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Gilmore: I find it hard to understand why people are blocking Irish Water from installing meters

The Tánaiste also said he would not be bound by any timetable on the Cabinet agreeing on how much people will have to pay.

The Tánaiste and Joan Burton were in Temple Bar as Labour MEP Emer Costello handed in her nomination papers.
The Tánaiste and Joan Burton were in Temple Bar as Labour MEP Emer Costello handed in her nomination papers.
Image: Hugh O'Connell/TheJournal.ie

TÁNAISTE EAMON GILMORE has said that he finds it hard to understand why Irish Water workers are being blocked from installing meters on some estates in Cork and Dublin this week.

Gilmore said he would have thought that people interested in getting their water bills to “as low a level as possible” would instead allow the installation of meters.

Protesters in Raheny are promising more upheaval for workers attempting to meter households in the Dublin suburb.

But the Tánaiste cannot understand the protests, saying: “Well I find them hard to understand because in fact the water meters are being installed to enable households to reduce what they will have to pay.”

He said that the whole basis of charging for water was that it would be based on metering and that households could conserve water and reduce their bills.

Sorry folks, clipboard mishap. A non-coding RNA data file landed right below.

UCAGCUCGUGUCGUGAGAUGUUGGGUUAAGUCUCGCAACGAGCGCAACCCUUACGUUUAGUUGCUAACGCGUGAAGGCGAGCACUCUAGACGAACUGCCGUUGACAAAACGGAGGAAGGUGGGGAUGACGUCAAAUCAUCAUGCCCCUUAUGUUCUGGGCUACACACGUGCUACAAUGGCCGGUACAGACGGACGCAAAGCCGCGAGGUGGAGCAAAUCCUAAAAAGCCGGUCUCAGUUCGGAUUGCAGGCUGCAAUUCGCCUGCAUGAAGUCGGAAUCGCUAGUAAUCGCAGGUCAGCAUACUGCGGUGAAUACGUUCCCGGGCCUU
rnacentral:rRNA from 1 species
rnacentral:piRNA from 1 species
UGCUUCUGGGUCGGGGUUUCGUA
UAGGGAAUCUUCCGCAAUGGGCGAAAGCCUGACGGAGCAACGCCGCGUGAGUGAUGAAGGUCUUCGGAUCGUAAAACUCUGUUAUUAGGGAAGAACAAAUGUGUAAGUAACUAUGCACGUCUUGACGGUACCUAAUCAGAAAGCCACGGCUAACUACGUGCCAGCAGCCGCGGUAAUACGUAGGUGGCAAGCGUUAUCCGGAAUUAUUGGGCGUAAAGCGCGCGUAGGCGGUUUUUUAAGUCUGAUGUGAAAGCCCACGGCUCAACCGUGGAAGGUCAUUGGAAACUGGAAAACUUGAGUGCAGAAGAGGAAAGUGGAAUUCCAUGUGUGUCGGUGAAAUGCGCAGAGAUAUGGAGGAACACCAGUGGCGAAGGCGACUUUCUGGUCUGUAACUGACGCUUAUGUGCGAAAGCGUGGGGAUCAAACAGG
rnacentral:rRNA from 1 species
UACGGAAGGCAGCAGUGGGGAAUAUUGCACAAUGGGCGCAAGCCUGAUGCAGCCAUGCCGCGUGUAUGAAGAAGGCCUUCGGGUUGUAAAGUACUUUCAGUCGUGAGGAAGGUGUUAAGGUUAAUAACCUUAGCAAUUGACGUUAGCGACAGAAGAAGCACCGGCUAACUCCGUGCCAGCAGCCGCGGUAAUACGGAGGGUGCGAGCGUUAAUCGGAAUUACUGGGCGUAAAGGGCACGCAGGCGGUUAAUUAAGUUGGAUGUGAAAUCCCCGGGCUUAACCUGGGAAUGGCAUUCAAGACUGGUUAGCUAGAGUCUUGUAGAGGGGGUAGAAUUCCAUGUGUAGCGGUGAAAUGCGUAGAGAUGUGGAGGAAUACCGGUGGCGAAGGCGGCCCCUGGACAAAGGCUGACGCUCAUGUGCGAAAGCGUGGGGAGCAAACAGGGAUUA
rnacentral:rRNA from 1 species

“I would have thought t hat people who are interested in getting the water charges to as low a level as possible – as we are – would be in favour of having meters,” he said.

When it was put to the Tánaiste that the protesters are likely to be against the principle of charging for water – as he once was – he insisted that water has to be paid for.

gilmore water charges Source: Irish Election Literature

He said: “We all know that water has to be paid for and we want to ensure that we have a safe, clean, reliable supply of water for the next two decades or more.”

Gilmore was also asked about when voters can be expected to know how much they will pay and declined to say whether this would be before the local and European elections on 23 May.

He insisted: “I think it’s important that we get it right and we have been very clear that there are a number of issues that have to be resolved.

He added that he would not be bound by any timetable or a deadline which appears to have been set by the Environment Minister Phil Hogan of agreeing the matter at next week’s Cabinet meeting.

“Were going to insist on getting it right. We’re not going to be bound by any timetable. It’s a question of getting right and we have to ensure that we deal with the issue of households that won’t be metered, deal with the issue of ability to pay,” he said.

Gilmore also said that he would still like to get the matter dealt with “quickly” adding that it “should have been dealt with months ago”.

Read: Protesters have ‘all the time in the world’ to stop water meter work today

Read: Cork residents halt meter installation as stand-off with Irish Water continues

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Hugh O'Connell

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